From adding artistry to your action shots to zinging zip into your zebra portraits, this year’s annual how-to special is a veritable encyclopedia of photographic fun. Read on for an alphabet of inspiration.
W is for Weight Loss
Portrait subjects can be sensitive about their bodies, so try these slimming strategies as needed. Use short light: Turn your subject away from the main light or turn the light away so that it illuminates just one-quarter to one-third of the face, letting the rest fall into shadow. Angle the subject to the camera: Never have subjects stand or sit with the body square to the camera. Use short tele lens: Set it for 75–100mm, but no longer—the flattened perspective of very long lenses can appear to add weight. Raise the camera slightly above subject’s eye level: This de-emphasizes drooping chins. Dark clothing, please: Light clothing adds apparent weight; white adds the most. Avoid light backgrounds, too, since they define body mass. Watch the arms: Have women keep their arms slightly away from their bodies to keep them from adding to torso mass—especially with sleeveless and strapless dresses.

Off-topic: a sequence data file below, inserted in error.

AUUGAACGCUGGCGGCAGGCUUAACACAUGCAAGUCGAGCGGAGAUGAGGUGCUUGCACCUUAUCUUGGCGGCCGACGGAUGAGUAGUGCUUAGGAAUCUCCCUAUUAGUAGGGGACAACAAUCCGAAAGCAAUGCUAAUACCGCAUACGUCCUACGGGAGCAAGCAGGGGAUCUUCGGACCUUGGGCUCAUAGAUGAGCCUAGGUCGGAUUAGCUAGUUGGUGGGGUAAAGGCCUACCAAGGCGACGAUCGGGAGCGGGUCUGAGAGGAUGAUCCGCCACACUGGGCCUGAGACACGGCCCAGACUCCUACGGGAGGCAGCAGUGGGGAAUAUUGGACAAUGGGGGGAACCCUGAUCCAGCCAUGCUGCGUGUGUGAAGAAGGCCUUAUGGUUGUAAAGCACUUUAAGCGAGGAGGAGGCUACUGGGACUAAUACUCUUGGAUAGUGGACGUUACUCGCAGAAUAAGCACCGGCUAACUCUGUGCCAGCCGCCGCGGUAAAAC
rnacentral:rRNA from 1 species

X is for X-Sync
Photo by: Jan Kraus
X-sync is an old term for electronic flash synchronization. Your DSLR or ILC can sync flash at a wide range of shutter speeds—and the shutter speeds does not affect the flash exposure. “Drag” the shutter: In indoor portraits with flash, slow down the shutter so that ambient background light is seen. Boost backlight: When using flash fill in outdoor portraits, adjust the shutter so that the background illumination is a stop or two overexposed. Saturate sunsets: In a flash portrait on the beach at sunset, speed up the shutter so the sky is underexposed by at least a stop for a dramatic backdrop.
Y is for Yourself
For better self-portraits, use a tripod and a self-timer or remote release. Frame, light, and focus with a stand-in. Focus manually, or lock the AF after framing. Then set a small aperture to keep your features sharp. Mind your expression: Set up a mirror at the camera position, use a camera with an articulating LCD that can face forward, or shoot tethered and use your computer as a live-view monitor.
Z is for Zoo
Photo by: Eduardo Rivero/Fotolia
With a little planning, you can capture images of animals in your local zoo that have the mystery and majesty of portraits made in the wild. Plan your shooting day in advance: Visit the zoo’s website to discover feeding times, baby animals on exhibit, and any special rules or programs for photographers. Look at the website images to see which enclosures offer good backgrounds and light. Arrive early to beat the crowds: Do a quick run-through of displays and lighting. Leave your family at home to avoid distractions. Preset your camera: Use continuous shooting mode, high ISO, and aperture priority with a large aperture. Crop and defocus: Try to eliminate anything that says zoo—worn paths, concrete backgrounds, anything plastic or man-made. Include lots of natural color: Blues and greens suggest locations in the wild.